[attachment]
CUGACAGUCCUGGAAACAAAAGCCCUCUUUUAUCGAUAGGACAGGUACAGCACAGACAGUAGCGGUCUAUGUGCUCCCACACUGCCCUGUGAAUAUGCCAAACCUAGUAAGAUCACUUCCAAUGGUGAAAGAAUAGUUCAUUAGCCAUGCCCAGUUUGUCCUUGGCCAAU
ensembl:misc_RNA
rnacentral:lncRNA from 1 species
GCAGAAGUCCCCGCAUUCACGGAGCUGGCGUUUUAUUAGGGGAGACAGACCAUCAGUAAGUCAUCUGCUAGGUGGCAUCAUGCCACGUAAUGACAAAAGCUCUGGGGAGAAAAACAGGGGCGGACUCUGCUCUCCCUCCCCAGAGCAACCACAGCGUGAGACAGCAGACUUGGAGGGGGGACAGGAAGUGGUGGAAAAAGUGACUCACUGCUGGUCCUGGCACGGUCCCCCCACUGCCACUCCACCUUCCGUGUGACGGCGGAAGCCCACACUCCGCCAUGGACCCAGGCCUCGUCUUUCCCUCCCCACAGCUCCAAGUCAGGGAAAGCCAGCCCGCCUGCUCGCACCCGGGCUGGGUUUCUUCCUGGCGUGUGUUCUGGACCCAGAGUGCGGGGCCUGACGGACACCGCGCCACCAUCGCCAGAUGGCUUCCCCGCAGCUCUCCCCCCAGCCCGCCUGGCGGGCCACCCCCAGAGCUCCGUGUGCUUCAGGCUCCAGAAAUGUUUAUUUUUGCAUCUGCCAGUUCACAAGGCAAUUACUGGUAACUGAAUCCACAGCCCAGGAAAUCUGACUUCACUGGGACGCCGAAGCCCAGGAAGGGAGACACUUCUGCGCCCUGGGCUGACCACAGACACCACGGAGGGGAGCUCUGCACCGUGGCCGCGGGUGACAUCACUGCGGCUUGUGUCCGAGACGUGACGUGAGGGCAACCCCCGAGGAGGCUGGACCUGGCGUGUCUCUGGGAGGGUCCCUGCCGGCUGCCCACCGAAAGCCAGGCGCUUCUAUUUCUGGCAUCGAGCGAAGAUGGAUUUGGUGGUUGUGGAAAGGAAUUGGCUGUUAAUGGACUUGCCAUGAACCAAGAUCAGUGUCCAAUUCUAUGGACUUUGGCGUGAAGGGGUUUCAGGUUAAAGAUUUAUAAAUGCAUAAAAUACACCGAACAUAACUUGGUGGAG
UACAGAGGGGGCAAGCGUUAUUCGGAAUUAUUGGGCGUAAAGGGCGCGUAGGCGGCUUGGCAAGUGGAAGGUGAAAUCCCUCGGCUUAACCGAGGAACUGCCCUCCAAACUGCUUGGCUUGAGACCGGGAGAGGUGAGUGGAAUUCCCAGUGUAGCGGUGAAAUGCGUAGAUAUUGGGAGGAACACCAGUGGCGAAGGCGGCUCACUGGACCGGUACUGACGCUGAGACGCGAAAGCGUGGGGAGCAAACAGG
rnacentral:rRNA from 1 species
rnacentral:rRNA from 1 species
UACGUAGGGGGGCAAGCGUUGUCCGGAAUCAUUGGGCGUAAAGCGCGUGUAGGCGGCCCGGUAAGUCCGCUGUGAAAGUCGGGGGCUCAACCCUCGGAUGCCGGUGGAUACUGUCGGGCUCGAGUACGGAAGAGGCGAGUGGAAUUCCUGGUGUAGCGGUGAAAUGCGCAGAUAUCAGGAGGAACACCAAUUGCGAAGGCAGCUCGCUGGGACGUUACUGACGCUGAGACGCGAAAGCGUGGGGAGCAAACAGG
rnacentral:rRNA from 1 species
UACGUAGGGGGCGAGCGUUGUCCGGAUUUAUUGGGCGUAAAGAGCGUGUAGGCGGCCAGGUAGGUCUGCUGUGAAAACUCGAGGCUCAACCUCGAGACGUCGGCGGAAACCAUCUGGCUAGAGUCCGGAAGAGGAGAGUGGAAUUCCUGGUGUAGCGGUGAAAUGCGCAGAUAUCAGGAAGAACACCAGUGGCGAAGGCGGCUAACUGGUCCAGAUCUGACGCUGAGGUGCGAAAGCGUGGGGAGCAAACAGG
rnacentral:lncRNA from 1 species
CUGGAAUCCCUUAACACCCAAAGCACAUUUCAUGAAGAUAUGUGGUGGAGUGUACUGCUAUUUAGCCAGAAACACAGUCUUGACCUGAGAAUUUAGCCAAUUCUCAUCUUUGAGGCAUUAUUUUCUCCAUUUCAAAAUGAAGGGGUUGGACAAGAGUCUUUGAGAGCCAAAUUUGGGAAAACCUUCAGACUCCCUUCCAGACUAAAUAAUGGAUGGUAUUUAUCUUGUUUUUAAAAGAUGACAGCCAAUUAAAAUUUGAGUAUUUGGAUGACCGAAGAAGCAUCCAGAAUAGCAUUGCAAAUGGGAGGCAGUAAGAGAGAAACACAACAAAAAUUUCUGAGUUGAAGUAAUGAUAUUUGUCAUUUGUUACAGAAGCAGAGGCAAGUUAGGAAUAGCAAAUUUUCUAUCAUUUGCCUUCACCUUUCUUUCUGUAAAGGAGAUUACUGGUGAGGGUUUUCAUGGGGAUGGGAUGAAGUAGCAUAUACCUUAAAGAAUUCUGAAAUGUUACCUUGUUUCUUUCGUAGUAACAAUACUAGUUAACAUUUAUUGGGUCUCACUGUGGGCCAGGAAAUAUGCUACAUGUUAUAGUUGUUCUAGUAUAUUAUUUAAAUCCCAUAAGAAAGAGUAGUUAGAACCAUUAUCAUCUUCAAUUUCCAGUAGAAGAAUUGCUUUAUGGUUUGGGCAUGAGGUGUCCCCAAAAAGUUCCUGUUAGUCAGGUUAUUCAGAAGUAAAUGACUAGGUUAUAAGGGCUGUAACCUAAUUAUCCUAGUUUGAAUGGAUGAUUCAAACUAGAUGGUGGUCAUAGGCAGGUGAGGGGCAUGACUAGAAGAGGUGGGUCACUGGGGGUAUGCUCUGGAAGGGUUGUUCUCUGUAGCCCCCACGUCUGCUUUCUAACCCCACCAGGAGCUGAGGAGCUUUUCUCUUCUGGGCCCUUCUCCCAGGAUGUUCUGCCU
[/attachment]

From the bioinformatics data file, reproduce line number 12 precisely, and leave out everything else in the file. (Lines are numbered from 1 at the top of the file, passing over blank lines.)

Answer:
CUGGAAUCCCUUAACACCCAAAGCACAUUUCAUGAAGAUAUGUGGUGGAGUGUACUGCUAUUUAGCCAGAAACACAGUCUUGACCUGAGAAUUUAGCCAAUUCUCAUCUUUGAGGCAUUAUUUUCUCCAUUUCAAAAUGAAGGGGUUGGACAAGAGUCUUUGAGAGCCAAAUUUGGGAAAACCUUCAGACUCCCUUCCAGACUAAAUAAUGGAUGGUAUUUAUCUUGUUUUUAAAAGAUGACAGCCAAUUAAAAUUUGAGUAUUUGGAUGACCGAAGAAGCAUCCAGAAUAGCAUUGCAAAUGGGAGGCAGUAAGAGAGAAACACAACAAAAAUUUCUGAGUUGAAGUAAUGAUAUUUGUCAUUUGUUACAGAAGCAGAGGCAAGUUAGGAAUAGCAAAUUUUCUAUCAUUUGCCUUCACCUUUCUUUCUGUAAAGGAGAUUACUGGUGAGGGUUUUCAUGGGGAUGGGAUGAAGUAGCAUAUACCUUAAAGAAUUCUGAAAUGUUACCUUGUUUCUUUCGUAGUAACAAUACUAGUUAACAUUUAUUGGGUCUCACUGUGGGCCAGGAAAUAUGCUACAUGUUAUAGUUGUUCUAGUAUAUUAUUUAAAUCCCAUAAGAAAGAGUAGUUAGAACCAUUAUCAUCUUCAAUUUCCAGUAGAAGAAUUGCUUUAUGGUUUGGGCAUGAGGUGUCCCCAAAAAGUUCCUGUUAGUCAGGUUAUUCAGAAGUAAAUGACUAGGUUAUAAGGGCUGUAACCUAAUUAUCCUAGUUUGAAUGGAUGAUUCAAACUAGAUGGUGGUCAUAGGCAGGUGAGGGGCAUGACUAGAAGAGGUGGGUCACUGGGGGUAUGCUCUGGAAGGGUUGUUCUCUGUAGCCCCCACGUCUGCUUUCUAACCCCACCAGGAGCUGAGGAGCUUUUCUCUUCUGGGCCCUUCUCCCAGGAUGUUCUGCCU